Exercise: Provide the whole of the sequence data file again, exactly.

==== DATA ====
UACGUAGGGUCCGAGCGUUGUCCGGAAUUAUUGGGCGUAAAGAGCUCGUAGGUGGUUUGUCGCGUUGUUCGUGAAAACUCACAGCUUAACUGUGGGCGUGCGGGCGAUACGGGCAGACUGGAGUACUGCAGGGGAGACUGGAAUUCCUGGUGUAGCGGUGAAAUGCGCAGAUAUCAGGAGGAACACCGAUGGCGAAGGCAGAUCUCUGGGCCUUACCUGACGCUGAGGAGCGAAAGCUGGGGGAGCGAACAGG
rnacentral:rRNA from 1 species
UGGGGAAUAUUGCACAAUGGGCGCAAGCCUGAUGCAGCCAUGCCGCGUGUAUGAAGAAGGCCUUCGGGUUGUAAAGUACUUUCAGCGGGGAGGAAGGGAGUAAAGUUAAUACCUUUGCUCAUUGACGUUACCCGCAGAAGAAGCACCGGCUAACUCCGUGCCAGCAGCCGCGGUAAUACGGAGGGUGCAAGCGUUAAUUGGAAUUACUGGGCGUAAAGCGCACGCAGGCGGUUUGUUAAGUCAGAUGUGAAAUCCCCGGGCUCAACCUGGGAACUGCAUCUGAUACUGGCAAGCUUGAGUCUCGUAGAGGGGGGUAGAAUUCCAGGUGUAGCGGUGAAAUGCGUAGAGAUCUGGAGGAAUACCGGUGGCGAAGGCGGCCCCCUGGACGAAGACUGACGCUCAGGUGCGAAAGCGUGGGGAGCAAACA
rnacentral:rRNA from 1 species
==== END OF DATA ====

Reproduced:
UACGUAGGGUCCGAGCGUUGUCCGGAAUUAUUGGGCGUAAAGAGCUCGUAGGUGGUUUGUCGCGUUGUUCGUGAAAACUCACAGCUUAACUGUGGGCGUGCGGGCGAUACGGGCAGACUGGAGUACUGCAGGGGAGACUGGAAUUCCUGGUGUAGCGGUGAAAUGCGCAGAUAUCAGGAGGAACACCGAUGGCGAAGGCAGAUCUCUGGGCCUUACCUGACGCUGAGGAGCGAAAGCUGGGGGAGCGAACAGG
rnacentral:rRNA from 1 species
UGGGGAAUAUUGCACAAUGGGCGCAAGCCUGAUGCAGCCAUGCCGCGUGUAUGAAGAAGGCCUUCGGGUUGUAAAGUACUUUCAGCGGGGAGGAAGGGAGUAAAGUUAAUACCUUUGCUCAUUGACGUUACCCGCAGAAGAAGCACCGGCUAACUCCGUGCCAGCAGCCGCGGUAAUACGGAGGGUGCAAGCGUUAAUUGGAAUUACUGGGCGUAAAGCGCACGCAGGCGGUUUGUUAAGUCAGAUGUGAAAUCCCCGGGCUCAACCUGGGAACUGCAUCUGAUACUGGCAAGCUUGAGUCUCGUAGAGGGGGGUAGAAUUCCAGGUGUAGCGGUGAAAUGCGUAGAGAUCUGGAGGAAUACCGGUGGCGAAGGCGGCCCCCUGGACGAAGACUGACGCUCAGGUGCGAAAGCGUGGGGAGCAAACA
rnacentral:rRNA from 1 species